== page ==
Sorta like those "naked short sales" of millions of ounces of ETF gold, eh? Drive the price down without owning any physical gold. Completely legal and exactly the same scenario. The Too Big To Fail banks are using our, the citizen taxpayers money to increasse our living costs. Good business, bad government regulating. Just because it is legal does not make it right. Neither is it shortsighted, as the attempt is to prevent monopolistic practices.
    At least now you are thinking about this even though there is still a major issue. You telling banks they cannot own these things does not prevent what you are talking about from happening. It only removes banks as a entity that can participate in the manipulation that so far no one has proved really happened.

    BTW, those "too big to fail" banks accelerated their growth *after* the legislation was passed that was designed to deal with them once they got that large as well as limit what they can do as a business model. That should tell you that we have an issue turning to legislation.

    Perhaps outside the box thinking is needed here to prevent the actual manipulation instead of your thinking on just limiting who can participate.
    "Every time something really bad happens, people cry out for safety, and the government answers by taking rights away from good people." - Penn Jillette.

  8. #18
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    Re: Should this be illegal?

    Quote Originally Posted by OrphanSlug View Post
    At least now you are thinking about this even though there is still a major issue. You telling banks they cannot own these things does not prevent what you are talking about from happening. It only removes banks as a entity that can participate in the manipulation that so far no one has proved really happened.

    BTW, those "too big to fail" banks accelerated their growth *after* the legislation was passed that was designed to deal with them once they got that large as well as limit what they can do as a business model. That should tell you that we have an issue turning to legislation.

    Perhaps outside the box thinking is needed here to prevent the actual manipulation instead of your thinking on just limiting who can participate.

    I can't really understand why the poll is not 20 to 1 against the banks. I guess people just don't do their homework or really understand the function of banks in our economy and society.

  9. #19
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    Re: Should this be illegal?

    Quote Originally Posted by DaveFagan View Post
    I can't really understand why the poll is not 20 to 1 against the banks. I guess people just don't do their homework or really understand the function of banks in our economy and society.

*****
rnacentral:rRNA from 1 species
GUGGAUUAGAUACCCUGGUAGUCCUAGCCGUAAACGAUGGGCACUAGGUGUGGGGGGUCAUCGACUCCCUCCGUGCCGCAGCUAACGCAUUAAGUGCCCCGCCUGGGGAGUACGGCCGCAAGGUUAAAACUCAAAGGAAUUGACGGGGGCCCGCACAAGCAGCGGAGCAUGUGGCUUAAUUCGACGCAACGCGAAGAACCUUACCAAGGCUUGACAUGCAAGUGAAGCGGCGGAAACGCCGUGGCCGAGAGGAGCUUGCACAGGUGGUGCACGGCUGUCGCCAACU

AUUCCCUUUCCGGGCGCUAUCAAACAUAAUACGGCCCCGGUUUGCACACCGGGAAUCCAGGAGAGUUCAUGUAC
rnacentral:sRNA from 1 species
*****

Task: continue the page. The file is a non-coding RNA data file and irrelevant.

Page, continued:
Because you have those of us thinking rationally about the matter. Your quest and zeal to hold banks to a different standard than other entities is starting to fall apart on you mainly because of a lack of understanding of how so many players in the Oil commodity can do what you claim the banks could do.

    The simple truth is regulation for this would be laughably absurd and completely ineffective.
    "Every time something really bad happens, people cry out for safety, and the government answers by taking rights away from good people." - Penn Jillette.

  10. #20
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    Re: Should this be illegal?

    Quote Originally Posted by OrphanSlug View Post
    No, you are suggesting the banks are doing these things based in an article making the same assumptions. What you nor the article has is direct evidence that it really happened in a manner you are all hinting at.

    You many have some moral argument otherwise, but banks are in fact businesses. They do not have a social responsibility to encourage buisness, but they do have a business reason to do so as business growth means something to the banking model.

    What you and the article fails to understand is no matter if these things are owned by a bank, some other entity, or an individual they are *still* subject to those with less than honorable intentions. Example, if I had a high stake in a hedge bet against lowering oil prices it would make sense to ensure higher price outcome by owning a stake in its transportation and doing what your article suggests. But, there is nothing special about a bank as an entity that makes this more likely to happen.

    BTW, this sort of thing happens all the time and not just for Oil. Other commodities, currency bets, ownership in companies, both private and public debt they are all subject to those who want to ensure an investment outcome. Some manipulation is not legal, other is. But you singling out a bank, as an entity that should not own something, is the same sort of lazy political thinking that brought us large soda bans thinking it was a good thing.
    The overall point of the OP is correct:

    How Wall Street Is Raising the Price of Gas - ABC News

    I witnessed speculation abuse firsthand in real estate in the high desert around Joshua Tree.

    When I first moved there around 2000 one could buy a house on five acres for about $60k. These prices remained stable until shortly before the crash when the speculators came in. They believed that Joshua Tree was going to be the next artsy boomtown like Telluride or Santa Fe.

    They bought so much of the available real estate that prices tripled. Those sixty thousand dollar houses went up to $180k. No boomtown emerged. The crash happened. Lots of people lost money.

    But the upshot is the properties in question levelled off at about $120k. So anybody who needs to buy a home now has to pay twice what they would have just a few years before. Not based on real supply and demand but the artificial shortages created by speculators.
    Anyone wondering what I'm talking about start here:
    The Psychology of Persuasion